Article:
By Daniel Collins
World Water Day is held annually on 22 March to focus people’s attention on freshwater and advocate for the sustainable management of freshwater resources. Championed by the United Nations, each year is dedicated to a different theme. This year’s theme is cooperation (“water, water everywhere, but only if we share”), and it is for this reason that for the month of March, Waiology has been running the series on water governance.
Already we have read insightful commentary and analysis from across New Zealand, each time giving some thought to the role of science in the process of water governance. But there is plenty more to come. In fact, we have so much that the series will have to spill over into April.
So how will you commemorate World Water Day?
Here are 10 ideas:
- If you’re a farmer dealing with the drought, kia kaha. MPI and Federated Farmers are there to help.
- If you’re in a city with dwindling water supplies, flush the toilet less often like we did in post-quake Christchurch and cut down on other water usage.
- Drink tap water, not bottled.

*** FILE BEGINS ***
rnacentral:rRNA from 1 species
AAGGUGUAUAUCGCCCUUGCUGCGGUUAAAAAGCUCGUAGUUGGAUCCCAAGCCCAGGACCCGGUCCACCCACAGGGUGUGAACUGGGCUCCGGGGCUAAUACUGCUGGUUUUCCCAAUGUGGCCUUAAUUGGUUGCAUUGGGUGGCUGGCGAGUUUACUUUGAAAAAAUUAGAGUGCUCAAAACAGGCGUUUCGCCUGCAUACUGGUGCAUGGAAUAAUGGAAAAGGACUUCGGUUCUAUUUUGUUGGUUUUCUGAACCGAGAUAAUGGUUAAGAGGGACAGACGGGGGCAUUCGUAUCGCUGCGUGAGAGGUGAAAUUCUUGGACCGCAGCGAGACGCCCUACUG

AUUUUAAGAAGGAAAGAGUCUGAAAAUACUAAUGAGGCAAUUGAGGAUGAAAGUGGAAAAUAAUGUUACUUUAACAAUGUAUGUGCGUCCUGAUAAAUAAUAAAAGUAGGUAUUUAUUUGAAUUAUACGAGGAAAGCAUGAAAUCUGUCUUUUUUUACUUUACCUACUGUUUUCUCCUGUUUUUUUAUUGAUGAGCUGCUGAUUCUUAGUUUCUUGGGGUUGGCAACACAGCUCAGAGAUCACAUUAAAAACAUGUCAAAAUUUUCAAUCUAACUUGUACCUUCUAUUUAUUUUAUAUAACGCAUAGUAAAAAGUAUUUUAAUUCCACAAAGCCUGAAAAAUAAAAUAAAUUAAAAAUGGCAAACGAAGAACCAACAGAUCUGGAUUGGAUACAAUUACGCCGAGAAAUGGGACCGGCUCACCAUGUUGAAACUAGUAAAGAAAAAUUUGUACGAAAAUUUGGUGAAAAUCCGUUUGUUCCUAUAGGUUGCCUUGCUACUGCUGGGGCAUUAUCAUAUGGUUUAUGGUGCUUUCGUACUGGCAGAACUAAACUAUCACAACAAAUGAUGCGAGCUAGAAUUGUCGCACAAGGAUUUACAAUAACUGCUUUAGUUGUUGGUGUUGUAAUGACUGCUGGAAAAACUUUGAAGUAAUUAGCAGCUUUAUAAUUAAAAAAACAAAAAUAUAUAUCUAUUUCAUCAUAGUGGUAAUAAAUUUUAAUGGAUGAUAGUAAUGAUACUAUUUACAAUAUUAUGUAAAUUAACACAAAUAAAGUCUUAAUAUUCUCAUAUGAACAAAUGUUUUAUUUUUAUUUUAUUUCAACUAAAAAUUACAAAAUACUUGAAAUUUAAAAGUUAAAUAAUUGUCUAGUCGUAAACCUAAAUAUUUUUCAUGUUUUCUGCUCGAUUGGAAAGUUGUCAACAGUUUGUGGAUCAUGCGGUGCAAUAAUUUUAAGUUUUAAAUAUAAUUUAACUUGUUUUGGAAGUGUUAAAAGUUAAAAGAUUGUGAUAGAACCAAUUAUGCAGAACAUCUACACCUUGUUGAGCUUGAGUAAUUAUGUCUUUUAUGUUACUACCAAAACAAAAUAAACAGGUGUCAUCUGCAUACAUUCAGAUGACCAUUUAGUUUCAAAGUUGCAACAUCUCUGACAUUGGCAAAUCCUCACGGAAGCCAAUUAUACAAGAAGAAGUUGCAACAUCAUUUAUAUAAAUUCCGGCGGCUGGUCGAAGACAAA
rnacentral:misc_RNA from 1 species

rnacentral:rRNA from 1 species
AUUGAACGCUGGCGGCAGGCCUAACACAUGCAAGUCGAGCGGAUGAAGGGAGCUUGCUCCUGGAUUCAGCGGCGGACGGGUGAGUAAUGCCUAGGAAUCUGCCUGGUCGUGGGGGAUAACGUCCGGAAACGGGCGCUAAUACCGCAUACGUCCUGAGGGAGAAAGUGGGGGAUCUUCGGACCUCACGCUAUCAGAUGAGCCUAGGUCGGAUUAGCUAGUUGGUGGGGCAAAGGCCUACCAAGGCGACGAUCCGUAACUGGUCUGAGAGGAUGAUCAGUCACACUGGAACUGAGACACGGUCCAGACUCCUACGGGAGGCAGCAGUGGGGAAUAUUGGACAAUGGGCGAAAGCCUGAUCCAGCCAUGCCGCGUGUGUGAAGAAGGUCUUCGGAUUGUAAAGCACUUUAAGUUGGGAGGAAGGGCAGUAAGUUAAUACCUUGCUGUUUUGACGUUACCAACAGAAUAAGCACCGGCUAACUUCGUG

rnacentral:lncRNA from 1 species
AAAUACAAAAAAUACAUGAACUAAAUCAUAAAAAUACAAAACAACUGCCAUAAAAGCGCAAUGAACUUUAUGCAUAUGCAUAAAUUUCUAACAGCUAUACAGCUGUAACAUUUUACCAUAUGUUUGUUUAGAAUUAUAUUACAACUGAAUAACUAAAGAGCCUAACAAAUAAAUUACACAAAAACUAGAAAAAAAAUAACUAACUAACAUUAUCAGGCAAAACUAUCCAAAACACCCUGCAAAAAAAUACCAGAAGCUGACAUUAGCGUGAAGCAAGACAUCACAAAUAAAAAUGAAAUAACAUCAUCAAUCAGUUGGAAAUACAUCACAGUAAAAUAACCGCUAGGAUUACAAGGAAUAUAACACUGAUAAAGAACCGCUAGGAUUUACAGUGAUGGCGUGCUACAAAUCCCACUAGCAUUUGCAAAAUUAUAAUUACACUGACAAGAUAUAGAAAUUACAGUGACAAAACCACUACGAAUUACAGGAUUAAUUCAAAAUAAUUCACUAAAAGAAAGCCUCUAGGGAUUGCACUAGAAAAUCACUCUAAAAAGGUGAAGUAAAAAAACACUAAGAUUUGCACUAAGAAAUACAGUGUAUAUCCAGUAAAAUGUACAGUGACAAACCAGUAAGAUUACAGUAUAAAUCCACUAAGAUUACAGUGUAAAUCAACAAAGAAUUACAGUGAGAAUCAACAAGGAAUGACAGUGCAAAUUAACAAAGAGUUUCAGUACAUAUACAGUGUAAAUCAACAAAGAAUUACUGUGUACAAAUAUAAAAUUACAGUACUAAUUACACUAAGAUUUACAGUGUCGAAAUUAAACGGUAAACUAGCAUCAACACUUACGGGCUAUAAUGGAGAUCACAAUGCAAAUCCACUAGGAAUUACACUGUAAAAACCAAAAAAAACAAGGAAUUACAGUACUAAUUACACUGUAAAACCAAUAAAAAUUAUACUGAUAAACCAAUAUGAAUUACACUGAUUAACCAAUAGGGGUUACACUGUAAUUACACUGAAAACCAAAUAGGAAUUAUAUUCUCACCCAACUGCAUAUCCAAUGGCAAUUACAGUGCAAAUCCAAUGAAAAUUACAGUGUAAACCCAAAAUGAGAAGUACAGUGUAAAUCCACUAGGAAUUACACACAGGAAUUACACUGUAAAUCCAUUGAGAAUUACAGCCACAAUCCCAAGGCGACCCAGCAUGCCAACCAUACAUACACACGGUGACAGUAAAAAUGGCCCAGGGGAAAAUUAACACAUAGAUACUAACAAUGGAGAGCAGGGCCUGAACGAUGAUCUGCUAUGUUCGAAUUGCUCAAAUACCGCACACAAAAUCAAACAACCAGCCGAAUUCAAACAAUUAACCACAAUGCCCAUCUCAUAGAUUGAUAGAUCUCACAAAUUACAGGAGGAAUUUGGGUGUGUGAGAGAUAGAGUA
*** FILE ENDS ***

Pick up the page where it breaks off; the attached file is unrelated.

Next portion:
- Turn the tap off when brushing your teeth (Is this reminder even necessary anymore?).
- Imagine how much water was used to produce your post-work beer or wine, or to grow the food that you end up throwing away.
- Give your input on the Government’s proposed freshwater management reforms.
- Get from the library or bookstore one of many great books: Elixir: A history of humankind, by Brian Fagan; or Water: The epic struggle of wealth, power and civilization, by Steven Solomon.
- Watch a water-themed movie.
- Visit a nearby stream and look for critters underneath the rocks. Better still, go spot-lighting after dark for fish.
- Strike up a constructive discussion about how different people value freshwater, and try to empathise with alternative points of view.
For my part, I will do what I always do: hydrology. And observe the Government’s freshwater reforms consultation meeting this afternoon in Christchurch.
Dr Daniel Collins is a hydrologist and water resources scientist at NIWA.